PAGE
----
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How do you guys deal with bread spreads…we are vegetarian/vegan and all that stuff comes in plastic.
And how do you replace saran wrap? In case there are left overs…
Name: Ellen and Pedro
We are a two person and two feline house hold, we work out, the cats work from home ;-). We have been careful to reduce our waste for years but now we try to focus on reducing plastic waste.
Ellen and Pedro’s personal blog:
List of plastic items REFUSED this week. (Yay!)
Bag with potatoes, we found a degradable bag
Total items collected: 24
1 milk bottle
3 tetra pack
1 plastic water bottle (from the airplane)
1 container toilet refresher
1 cap of deodorant
1 container of butter
3 packages from veggie burgers
3 packages from veggie sandwich spread
1 bag of chips
7 yogurt containers
1 bag with general wraps of ‘stuff’ and some bags of cat food (100gr)
What items can I easily replace with plastic free or less plastic alternatives?
We seem to be running out of stuff, there is just sooo much plastic out there
What items would I be willing to give up if a plastic free alternative doesn’t exist?
We bought oven-ready bread, we could just buy fresh baguettes which come in a paper bag.
What items are essential and seem to have no plastic-free alternative?
Most of these things so it seems
What lifestyle change(s) might be necessary to reduce my plastic consumption?
We are going to a different supermarket now which has organic veggies in bulk with biodegradable bags.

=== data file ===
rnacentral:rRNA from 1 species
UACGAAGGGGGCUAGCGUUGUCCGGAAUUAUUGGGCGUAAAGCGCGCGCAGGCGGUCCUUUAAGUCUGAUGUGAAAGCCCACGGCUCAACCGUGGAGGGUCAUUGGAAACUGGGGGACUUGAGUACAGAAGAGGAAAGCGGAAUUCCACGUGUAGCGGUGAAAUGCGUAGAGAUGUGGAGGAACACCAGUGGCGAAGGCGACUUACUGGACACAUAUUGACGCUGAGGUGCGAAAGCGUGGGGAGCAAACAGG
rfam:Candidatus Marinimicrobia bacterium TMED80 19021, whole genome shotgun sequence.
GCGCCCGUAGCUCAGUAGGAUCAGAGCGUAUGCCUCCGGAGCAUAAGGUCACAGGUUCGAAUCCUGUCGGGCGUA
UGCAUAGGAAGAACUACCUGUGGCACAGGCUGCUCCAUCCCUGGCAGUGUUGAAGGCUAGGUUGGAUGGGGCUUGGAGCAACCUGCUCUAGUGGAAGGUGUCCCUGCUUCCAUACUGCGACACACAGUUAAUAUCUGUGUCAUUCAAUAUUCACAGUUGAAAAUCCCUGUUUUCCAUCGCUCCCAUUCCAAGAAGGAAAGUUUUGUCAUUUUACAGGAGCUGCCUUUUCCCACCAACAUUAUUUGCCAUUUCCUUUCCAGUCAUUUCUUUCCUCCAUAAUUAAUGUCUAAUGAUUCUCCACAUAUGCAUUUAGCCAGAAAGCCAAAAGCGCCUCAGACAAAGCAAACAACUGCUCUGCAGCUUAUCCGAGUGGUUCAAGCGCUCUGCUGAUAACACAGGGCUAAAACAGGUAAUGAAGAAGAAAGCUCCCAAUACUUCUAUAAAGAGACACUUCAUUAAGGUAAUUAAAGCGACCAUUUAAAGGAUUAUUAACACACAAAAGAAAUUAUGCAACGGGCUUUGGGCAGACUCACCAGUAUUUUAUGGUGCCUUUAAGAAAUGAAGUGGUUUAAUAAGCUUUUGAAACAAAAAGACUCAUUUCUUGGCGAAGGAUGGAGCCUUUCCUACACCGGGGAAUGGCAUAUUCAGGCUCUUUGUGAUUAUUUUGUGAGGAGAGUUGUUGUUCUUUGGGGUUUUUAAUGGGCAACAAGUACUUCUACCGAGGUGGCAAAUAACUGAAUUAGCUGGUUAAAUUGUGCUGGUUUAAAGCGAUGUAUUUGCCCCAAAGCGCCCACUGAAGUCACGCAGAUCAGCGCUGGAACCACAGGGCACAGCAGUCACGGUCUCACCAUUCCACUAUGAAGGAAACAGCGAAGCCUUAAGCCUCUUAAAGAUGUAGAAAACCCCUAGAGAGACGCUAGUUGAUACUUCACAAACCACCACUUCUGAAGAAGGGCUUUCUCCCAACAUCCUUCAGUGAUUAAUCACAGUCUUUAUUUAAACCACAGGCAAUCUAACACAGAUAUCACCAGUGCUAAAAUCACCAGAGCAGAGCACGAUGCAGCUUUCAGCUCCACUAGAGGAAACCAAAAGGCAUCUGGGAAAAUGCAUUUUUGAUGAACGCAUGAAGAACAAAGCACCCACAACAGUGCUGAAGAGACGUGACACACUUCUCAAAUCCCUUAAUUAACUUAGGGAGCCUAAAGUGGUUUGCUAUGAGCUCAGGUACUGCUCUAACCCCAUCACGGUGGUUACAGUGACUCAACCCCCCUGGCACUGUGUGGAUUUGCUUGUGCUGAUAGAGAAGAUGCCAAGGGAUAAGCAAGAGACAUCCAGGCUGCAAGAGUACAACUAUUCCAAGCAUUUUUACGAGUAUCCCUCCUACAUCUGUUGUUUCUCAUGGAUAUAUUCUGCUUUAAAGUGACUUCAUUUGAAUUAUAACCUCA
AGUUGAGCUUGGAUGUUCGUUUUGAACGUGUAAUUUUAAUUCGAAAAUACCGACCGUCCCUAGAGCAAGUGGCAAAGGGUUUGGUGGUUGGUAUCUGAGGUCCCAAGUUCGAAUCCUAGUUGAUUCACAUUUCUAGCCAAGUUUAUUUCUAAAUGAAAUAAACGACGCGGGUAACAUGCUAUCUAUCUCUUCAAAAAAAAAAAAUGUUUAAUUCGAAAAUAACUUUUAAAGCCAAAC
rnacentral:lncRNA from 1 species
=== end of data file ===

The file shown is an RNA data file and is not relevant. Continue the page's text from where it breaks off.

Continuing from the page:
We also try to buy as little seperately packed items as possible.
What one plastic item am I willing to give up or replace this week?
What other conclusions, if any, can I draw?
It is getting difficult to find more ways to reduce our plastic waste. Tips from the community?
Tags: plastic challenge
Hi Ellen and Pedro,
To your first point, for bread spreads, I would recommend buying peanut butter or almond butter in glass jars with a metal lid (or you can make it yourself). As far as vegan margarines go, I don't recommending eating that in the first place because of all the processed ingredients. If you eat butter, there are a few companies that sell their butter in a paper box with paper-wrapped butter sticks. You can also make butter yourself from heavy whipping cream, and store it in a glass container in the fridge. Are there other "spreads" you are referring to that I am not addressing? Mustards, mayonnaise, ketchup, and other spreads have plastic-free alternatives, as well.
To you second point about leftovers, I haven't used cling wrap since 2009. When I have leftovers, I use tupperware to store my food. I have a variety of sizes, and store them in one of my kitchen cupboards when they are not in use. I do have tupperware made out of plastic, and I do not intend on replacing them with glass or metal alternatives, since I use them so infrequently.
I hope that helps, and let me know if you have any other questions!
@SingleUsePlanet Thanks for the tips! We also use tupperware a lot, but it creates more dishes so i was hoping there would be a magical trick ;-). No problem, we have loads of them.
With spreads i mean a variety of things: sandwich spreads, vegan sausage, vegan cheese, all that stuff. It just all comes in plastic. I don't eat butter nor cream, i switched a long time ago to the vegan alternative (soy butter and cream)...maybe it has processed products but I feel (pysically and emotionally) better when not eating the real thing.
All our ketchup, mayo, mustards we have in glas jars, no problems there
I just started using the baking soda/tee tree deodorant and I must say it works quite well.
And how do you keep things fresh (meaning not smelling like everything else in the fridge) if you have leftovers?
The deodorant has a plastic cap and roller only, the rest is glass and can be recycled. I don't think i ever say the baking soda/tee tree deo here.
@Ellen and Pedro
To keep leftovers fresh, invest in a few airtight glass or stainless steel containers (Life Without Plastic has great products, or use jars, whatever). There are also bowl covers (see Etsy for examples) that work well, but aren't airtight and wouldn't necessarily restrict food odors.